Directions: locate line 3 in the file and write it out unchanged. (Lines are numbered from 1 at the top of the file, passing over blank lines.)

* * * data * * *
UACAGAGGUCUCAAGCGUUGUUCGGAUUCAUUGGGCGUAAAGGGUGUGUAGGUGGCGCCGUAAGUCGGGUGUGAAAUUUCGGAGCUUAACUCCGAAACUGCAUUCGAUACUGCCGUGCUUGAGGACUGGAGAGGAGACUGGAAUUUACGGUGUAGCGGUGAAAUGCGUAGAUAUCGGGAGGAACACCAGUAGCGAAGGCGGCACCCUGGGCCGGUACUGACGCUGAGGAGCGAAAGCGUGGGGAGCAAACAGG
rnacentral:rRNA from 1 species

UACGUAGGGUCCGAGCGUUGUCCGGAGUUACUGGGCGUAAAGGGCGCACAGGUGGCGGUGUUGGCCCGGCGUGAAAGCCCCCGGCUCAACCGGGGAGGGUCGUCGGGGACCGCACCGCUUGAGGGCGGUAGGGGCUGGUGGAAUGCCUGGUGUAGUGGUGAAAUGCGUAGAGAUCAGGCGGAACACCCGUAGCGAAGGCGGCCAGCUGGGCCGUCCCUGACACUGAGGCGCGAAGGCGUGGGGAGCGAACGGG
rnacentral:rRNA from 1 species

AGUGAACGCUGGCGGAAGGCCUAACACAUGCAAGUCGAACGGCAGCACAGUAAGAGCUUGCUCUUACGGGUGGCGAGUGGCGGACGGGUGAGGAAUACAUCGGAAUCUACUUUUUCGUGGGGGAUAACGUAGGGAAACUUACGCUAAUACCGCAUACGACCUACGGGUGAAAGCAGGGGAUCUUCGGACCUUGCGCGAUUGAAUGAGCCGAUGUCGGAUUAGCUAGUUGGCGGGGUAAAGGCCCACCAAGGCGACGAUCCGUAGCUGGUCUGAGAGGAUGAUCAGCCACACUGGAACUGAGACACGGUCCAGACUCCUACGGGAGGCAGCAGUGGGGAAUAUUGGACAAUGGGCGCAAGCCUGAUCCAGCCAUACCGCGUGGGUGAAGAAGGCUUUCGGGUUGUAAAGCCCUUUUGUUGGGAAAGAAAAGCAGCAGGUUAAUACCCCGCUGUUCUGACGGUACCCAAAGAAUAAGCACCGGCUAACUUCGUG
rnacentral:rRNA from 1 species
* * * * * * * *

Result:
UACGUAGGGUCCGAGCGUUGUCCGGAGUUACUGGGCGUAAAGGGCGCACAGGUGGCGGUGUUGGCCCGGCGUGAAAGCCCCCGGCUCAACCGGGGAGGGUCGUCGGGGACCGCACCGCUUGAGGGCGGUAGGGGCUGGUGGAAUGCCUGGUGUAGUGGUGAAAUGCGUAGAGAUCAGGCGGAACACCCGUAGCGAAGGCGGCCAGCUGGGCCGUCCCUGACACUGAGGCGCGAAGGCGUGGGGAGCGAACGGG